England openers Rory Burns and Dominic Sibley have come a long way from the playing fields of Croydon

Evening Standard Sports 3 weeks ago

When Rory Burns and Dominic Sibley walk out to bat for England during this week’s First Test against New Zealand it will be a new opening partnership forged on the playing fields of Croydon.

Like Jason Roy before him, Sibley, 24, spent his school days at Whitgift and his formative cricketing years at the Surrey academy.

It’s a path that Burns, five years the senior to Sibley, also trod and now that Roy has departed following an underwhelming Ashes series, he will take guard opposite another Whitgift old boy in Sibley, who will make his debut in Mount Maunganui when the opening Test starts on Wednesday night.

Such is the age gap between England’s newest top-order pair, Burns doesn’t have much recollection of his new international team-mate from their school days in Croydon. They did, though, spend plenty of time together during their early years at Surrey.

“I don’t really remember Sibbo at school because I left Whitgift at 16,” said Burns. “But I remember seeing him down at academy stuff, Surrey stuff and he only lives a town down so I gave him a lot of lifts when he was coming through in the second team.”

Sibley left The Oval for Warwickshire two years ago and has flourished since his move to the midlands, top scoring in Division One of the County Championship last summer with 1,324 runs.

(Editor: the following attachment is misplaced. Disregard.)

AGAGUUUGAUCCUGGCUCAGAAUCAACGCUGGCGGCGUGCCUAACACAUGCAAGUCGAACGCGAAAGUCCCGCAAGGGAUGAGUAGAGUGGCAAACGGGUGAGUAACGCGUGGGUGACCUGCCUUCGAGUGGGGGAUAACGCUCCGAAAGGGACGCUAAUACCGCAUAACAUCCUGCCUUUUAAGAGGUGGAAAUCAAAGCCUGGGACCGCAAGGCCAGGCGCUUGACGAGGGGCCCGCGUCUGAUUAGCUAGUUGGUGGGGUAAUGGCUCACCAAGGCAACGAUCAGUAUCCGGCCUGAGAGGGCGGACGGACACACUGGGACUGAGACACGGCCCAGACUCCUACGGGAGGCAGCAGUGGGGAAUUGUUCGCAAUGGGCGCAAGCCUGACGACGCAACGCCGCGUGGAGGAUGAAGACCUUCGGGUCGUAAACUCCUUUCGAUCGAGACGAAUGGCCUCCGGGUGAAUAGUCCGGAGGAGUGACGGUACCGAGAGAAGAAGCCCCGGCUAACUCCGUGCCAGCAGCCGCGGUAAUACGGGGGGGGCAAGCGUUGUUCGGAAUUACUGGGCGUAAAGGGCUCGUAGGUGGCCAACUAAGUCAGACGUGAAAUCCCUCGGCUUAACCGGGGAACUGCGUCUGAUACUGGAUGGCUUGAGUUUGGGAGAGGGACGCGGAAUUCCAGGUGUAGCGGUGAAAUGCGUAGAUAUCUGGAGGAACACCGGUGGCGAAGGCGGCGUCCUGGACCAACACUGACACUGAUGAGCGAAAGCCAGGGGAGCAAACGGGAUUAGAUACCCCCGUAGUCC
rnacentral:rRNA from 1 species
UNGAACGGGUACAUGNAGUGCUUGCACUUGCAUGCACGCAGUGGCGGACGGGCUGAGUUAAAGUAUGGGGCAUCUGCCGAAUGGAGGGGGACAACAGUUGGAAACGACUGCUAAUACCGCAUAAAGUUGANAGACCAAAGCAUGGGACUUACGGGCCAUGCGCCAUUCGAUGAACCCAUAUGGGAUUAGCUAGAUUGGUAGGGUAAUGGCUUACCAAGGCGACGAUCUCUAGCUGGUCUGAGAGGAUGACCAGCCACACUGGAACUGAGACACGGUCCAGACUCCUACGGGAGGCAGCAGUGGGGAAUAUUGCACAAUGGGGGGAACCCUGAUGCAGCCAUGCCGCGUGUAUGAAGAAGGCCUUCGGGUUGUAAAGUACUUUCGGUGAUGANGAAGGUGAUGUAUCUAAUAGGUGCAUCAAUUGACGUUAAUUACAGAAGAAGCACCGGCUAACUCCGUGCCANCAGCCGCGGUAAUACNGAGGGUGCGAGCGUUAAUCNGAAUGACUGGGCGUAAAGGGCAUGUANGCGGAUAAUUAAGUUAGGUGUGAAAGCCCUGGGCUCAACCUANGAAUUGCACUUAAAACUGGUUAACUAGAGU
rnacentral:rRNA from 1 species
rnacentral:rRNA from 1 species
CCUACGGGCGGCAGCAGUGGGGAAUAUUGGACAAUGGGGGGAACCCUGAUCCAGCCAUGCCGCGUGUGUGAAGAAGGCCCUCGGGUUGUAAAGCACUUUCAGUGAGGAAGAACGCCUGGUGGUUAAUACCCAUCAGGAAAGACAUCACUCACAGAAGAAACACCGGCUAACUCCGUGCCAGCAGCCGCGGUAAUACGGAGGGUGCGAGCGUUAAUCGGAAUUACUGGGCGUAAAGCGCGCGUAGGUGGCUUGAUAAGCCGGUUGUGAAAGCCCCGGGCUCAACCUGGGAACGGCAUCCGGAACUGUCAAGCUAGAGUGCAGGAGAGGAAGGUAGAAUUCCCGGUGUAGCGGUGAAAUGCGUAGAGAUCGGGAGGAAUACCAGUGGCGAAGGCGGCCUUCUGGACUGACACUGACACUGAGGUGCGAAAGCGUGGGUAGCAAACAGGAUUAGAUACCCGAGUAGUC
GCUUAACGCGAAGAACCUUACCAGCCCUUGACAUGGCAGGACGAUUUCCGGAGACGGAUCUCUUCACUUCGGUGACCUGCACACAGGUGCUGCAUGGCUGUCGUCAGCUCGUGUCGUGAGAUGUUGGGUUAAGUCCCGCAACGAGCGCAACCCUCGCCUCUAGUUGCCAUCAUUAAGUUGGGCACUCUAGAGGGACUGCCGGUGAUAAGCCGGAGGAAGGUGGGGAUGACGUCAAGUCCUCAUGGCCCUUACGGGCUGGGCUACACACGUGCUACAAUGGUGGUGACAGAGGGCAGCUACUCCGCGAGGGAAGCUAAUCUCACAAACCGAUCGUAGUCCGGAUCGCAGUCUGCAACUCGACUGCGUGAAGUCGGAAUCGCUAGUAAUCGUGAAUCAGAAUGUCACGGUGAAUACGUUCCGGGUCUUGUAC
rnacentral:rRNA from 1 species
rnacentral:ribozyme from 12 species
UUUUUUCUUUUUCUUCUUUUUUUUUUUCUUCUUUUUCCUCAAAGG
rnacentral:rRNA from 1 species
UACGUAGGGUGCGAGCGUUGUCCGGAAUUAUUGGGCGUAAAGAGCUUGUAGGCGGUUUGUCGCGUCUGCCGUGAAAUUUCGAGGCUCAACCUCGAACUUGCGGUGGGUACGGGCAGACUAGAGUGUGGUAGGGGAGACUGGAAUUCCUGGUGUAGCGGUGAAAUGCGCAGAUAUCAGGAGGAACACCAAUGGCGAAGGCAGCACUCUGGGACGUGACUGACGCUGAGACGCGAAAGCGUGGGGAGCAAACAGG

He also faced 1,009 more balls than any other batsman in the top tier and his selection marks a departure for an England team who under new coach Chris Silverwood are attempting to go back to basics in their approach to batting in Test cricket.

Roy’s selection on the back of his excellent white-ball form summed up the more cavalier approach of Trevor Bayliss, Silverwood’s predecessor.

Burns, himself a batsman whose doggedness and application was evident during an Ashes series that saw him score his maiden Test century at Edgbaston in August, is aware of the differences in his two most recent partners. “Obviously, Jason’s main grounding is white-ball cricket,” he said: “Sibs is more traditional in terms of opening the batting and batting in red ball because that’s where he’s learned most of his stuff.”

Burns is close friends with Roy, who was best man at his wedding last month. Yet his bonds with Sibley (left) also run deep and he is effusive in his praise of the new man, who scored a century in his first innings for England during the opening warm-up match against a New Zealand XI in Whangarei last week.

“His concentration levels are his main strengths,” said Burns. “I think over a period now he likes batting time, he can bat days at a time and he’s willing to grind bowlers down and not necessarily race away at the start of an innings.

“But he’s willing to build an innings and wait for people to come to him and pick them off when he can. I’m very proud of him to have got to where he’s got to, particularly having left Surrey and doing what he’s done at Warwickshire. That’s a testament to him as a character.

“If you look around the County Championship, Sibbo was the standout batter regardless of position. To put up the weight of runs he did and to bat the number of balls he did in tricky conditions was impressive. He’s earned his spot.”

Burns, who hit 390 runs at 39 against a brilliant Australian attack during the Ashes, will be playing his 13th Test this week after he made his debut against Sri Lanka at Galle last November.

So, a year down the line, does he now feel established? “You’re never truly settled because there’s always another Test coming,” he said. “New Zealand have got a fine bowling attack and there’s a lot to keep improving on.”


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